Business success and earning a lot of money do not necessarily make one happy. Harvard Business School professor of management Arthur C. Brooks is sure the source of human happiness is not financial prosperity but affinity with other people. According to the scholar, relationships are the key factor: ‘If you buy an experience, whether it be a vacation or just a dinner out, you can raise your happiness if you share it with someone you love. Friends and family are two key ingredients in well-being, and fun experiences with these people give us sweet memories we can enjoy for the rest of our lives — unlike the designer shoes that will wear out or go out of style’.
So, the answer to the question what both newcomers and those already well- adapted are in need of is simple enough – they all share a wild yearning for relationships. It’s establishing new social ties that is of vital importance for each of them. That’s why one of our main values and purposes is creating the right environment for them all, based on their common interests, similar to that they used to have back home.
We do not throw dating parties like those Meet For Charity once started with. We have a common chat and organise events, so everything happens naturally. Most new arrivals have to change not only their geographical location but also their fields of activity and functions, which puts them under triple stress. On top of all that, they have to adapt to a totally different culture, both local and corporate. Far from everybody has enough vitality to fall in love under such circumstances – being able to put on a mask is a start good enough for many. I like coming here in autumn to ‘recharge my batteries’, so to speak. As far as I can see, it usually takes newcomers about six months to recover from all that integration shock. Socialising via specialised chats proves very helpful. Say, Dubai Friends, Ladies & Kids allows women to discuss things feminine without spamming their busy men’s minds. There’s also Mindfulness, very popular with men doing yoga or revitalising them- selves by means of all sports imaginable – everything from wake-surfing to golfing.
Olga: Dubai offers you absolutely everything your body and soul might ever desire. The local cultural events so numerous, there’s no way you can attend them all. Such as Abu Dhabi Art, held recently, and Art Dubai, coming soon. Middle-Eastern culture is actually largely underestimated in the world. In the meantime, it boasts of amazing artists, a huge number of collectors and completists, as well as a rich historical heritage. To crown it all, the best of the best world art dealers open their galleries here to exhibit their fantastic art collections.
Back home, I always longed for living abroad but never had enough courage to try. My Russian good-looking media business, a solid platform to stand on, combined with a familiar cultural setting used to be a perfect comfort zone for me. Here, I realise I’m just one of many other newcomers, facing the challenge of basically ‘zeroing out’ my previous lifestyle and ‘updating my software’ for the new conditions. That’s probably the best way to describe what I’m going through.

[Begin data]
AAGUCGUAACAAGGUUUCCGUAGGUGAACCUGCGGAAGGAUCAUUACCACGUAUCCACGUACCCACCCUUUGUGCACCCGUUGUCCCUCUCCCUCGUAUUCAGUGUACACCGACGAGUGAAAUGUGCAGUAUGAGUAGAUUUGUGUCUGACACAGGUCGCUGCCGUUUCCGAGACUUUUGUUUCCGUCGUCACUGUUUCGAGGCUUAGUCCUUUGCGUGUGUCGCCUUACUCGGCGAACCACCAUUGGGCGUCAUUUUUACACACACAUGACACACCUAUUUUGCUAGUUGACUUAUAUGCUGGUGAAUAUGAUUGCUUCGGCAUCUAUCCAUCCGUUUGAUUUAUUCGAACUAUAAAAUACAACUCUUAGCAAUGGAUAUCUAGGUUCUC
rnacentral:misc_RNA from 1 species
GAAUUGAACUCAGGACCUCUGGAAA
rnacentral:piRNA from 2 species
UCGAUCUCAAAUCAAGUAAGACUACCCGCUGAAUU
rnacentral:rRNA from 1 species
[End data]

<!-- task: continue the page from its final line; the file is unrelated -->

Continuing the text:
Now, it feels rather strange recalling what it was like back home, when we spoke and posted things on social media, exchanging personal and professional news, discussing anything and everything in Russian. Immersed in the whirlpool of Moscow life, basically unable to see the surrounding world properly, we could never imagine any other way. Having come here and tuned in, you find your social media activity followed by Lebanese, Saudi Arabian, British, and French friends, for whom you must also be understandable. Going international, you have to build a new foundation and undergo a personal and professional ‘rebranding’ to meet the new requirements.
Dubai is a huge hub of opportunities and innovations, second to none indeed. When asked to describe it in a couple of words, a Lebanese friend of mine said, ‘Dubai is a new Land of Opportunity’. It is, for a fact, the most polycentric and multicultural place in the whole wide world. There is in Dubai all that life can afford, and what the future will look like is already obvious here as nowhere else on earth. I like the opening lines of ‘Ode to L.A.’ by The Ravionettes:
Well, everybody wants a place in the sun. In the meanwhile, Dubai is as sunny a place as sunny could ever be, and so far, ‘slices of its sun’ are still available.
Irina: Every day, in every way, Dubai is becoming more and more attrac- tive, providing everything for ‘upgrading’ yourself and launching a new busi- ness. I hope and intend to find a firm toehold here, where time is accelerating its flight. The city’s life is very dynamic, teaching you to respect others’ time and carefully plan yours.
Making our community a toehold for many is a must-do for me. Dubai is sure to remain a very important chapter in every immigrant’s life story. We’d like them to feel as comfortable as possible by making their time here most productive, useful, memorable, and rich in new contacts.
When we were preparing to launch our chat, I said to Olga, ‘Listen, some of our friends will never use any chats’. To which she responded, ‘Well, let’s try anyway. After all, they will be able to leave at any time’. So far, none of our 800 community members has unsubscribed. Every now and then, we quiz them for their feelings about their membership in Dubai Friends and what it gives them. Most often, they write about being not alone, getting support, and the convenience of easy access to any information or necessary contacts. Inspired by that kind of feedback, we realise there’s no challenge too hard or too frightening to face, so it’s never worth putting anything in cold storage. We are on the right track in the right place.